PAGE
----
Sometimes it seems life presents a pattern of embarrassing situations. School was more than frequently a series of misunderstandings and misinterpretations. My teachers got a few laughs because I was so literal in my understandings of what was said, and I would often be in the wrong place at the wrong time.
I remember being dropped off at the front door on my first day of school in Duttonsville Grade School, on the hill in Cavendish Vermont. The School was a three room school with grades 1 thru 8. One room held first and second grade, another was for grades 3, 4, and 5 and the last room was for grades 6, 7 and 8. Each room had one wall with large windows and venetian blinds. I think the first and second grade room was the only one with windows on 2 walls. The auditorium and stage was part of the basement level. Everything seemed huge to me then. I walked up the steps, and at 6 years old, the two big doors were ominous looking. I tugged hard, pulled one of them open and found another set of very wide steps going up to the center hall between the three rooms. I had no idea what to think of all this because I’d never been there, not even for a preview. My home was basically a three room hunting camp with barely running cold water. The ceilings in my house were about 6 ½ feet high and the front door opening was exactly 6 feet so this new place, the school, was gigantic. I stood in the middle of the floor and watched kids go into the rooms. I didn’t ask any questions, but decided I should go into one of them myself. I took a sharp left, went into the classroom and sat in a desk like the other kids in the room had done. The desk top seemed a bit high, but was just right for me to rest my chin on. After sitting there for a brief time, an older woman came up to me and asked my name. She chuckled and took me by the hand and led me to another room across the hall. I clearly remember her saying, “Miss Trombly, I do believe I have one of yours.” As it turned out, I had sat in a desk in the third, fourth and fifth grade room.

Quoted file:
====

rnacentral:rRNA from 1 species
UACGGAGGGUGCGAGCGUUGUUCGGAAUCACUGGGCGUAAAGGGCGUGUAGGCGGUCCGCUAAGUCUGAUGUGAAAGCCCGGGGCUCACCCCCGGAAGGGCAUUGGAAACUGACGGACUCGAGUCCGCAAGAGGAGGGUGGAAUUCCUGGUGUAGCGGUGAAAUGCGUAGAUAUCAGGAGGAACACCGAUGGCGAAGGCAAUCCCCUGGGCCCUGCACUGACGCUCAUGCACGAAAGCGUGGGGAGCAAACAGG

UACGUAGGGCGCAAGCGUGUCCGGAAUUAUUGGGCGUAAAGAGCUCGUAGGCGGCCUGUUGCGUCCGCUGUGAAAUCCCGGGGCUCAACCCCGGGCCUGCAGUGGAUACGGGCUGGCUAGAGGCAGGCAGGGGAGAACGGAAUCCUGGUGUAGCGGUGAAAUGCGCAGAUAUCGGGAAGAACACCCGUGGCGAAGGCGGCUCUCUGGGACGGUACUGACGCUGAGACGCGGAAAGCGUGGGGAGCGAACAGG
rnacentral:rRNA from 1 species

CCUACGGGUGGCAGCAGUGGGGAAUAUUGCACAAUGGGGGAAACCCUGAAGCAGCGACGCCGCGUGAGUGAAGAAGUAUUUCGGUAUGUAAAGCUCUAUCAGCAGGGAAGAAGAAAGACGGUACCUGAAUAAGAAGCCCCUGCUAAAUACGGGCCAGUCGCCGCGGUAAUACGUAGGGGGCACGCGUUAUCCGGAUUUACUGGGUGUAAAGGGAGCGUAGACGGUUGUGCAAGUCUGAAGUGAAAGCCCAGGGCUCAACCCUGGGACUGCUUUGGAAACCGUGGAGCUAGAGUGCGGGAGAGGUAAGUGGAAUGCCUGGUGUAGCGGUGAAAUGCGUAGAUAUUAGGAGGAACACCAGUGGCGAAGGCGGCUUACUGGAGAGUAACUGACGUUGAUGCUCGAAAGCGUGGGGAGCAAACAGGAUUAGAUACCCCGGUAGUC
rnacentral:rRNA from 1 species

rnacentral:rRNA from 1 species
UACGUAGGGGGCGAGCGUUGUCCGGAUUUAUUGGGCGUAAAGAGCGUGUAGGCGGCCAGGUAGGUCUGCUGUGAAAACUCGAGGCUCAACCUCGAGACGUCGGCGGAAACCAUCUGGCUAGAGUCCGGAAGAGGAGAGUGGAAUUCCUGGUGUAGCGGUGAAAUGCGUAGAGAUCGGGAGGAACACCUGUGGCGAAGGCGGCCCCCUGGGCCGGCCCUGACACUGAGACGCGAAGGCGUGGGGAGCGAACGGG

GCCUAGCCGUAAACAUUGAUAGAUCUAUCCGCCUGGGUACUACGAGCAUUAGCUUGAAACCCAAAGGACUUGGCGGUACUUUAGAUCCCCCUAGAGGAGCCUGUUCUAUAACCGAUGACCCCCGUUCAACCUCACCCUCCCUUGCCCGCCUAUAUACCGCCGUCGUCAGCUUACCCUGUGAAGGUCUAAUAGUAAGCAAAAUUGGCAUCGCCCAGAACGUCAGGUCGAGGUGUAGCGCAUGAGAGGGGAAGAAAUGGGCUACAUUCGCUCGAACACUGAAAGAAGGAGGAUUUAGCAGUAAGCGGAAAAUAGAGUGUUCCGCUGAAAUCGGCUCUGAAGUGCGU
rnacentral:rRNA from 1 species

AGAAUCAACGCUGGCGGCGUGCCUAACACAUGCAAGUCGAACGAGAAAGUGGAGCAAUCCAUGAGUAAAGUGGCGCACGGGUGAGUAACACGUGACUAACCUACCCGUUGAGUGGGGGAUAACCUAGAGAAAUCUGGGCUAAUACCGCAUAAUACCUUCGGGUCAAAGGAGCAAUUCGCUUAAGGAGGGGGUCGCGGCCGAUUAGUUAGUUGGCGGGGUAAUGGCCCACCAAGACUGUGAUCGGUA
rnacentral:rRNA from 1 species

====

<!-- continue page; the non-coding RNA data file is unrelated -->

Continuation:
Miss Trombly had all she could do to keep the room full of youngsters in order and learning the age appropriate writing and arithmetic. She was a very patient woman and often had to hold back from laughing while disciplining me. Evidently I was a handful at times but I can remember a ton of exciting moments and learning breakthroughs. We had wild flower collection contests and a marching band including monkey suits. I am still in touch with my best friend of the time. We had a million laughs through the years, but I will never forget my first day of school at Duttonsville.
Photo: Me, second from left, bottom row.
(c) Rick Wyman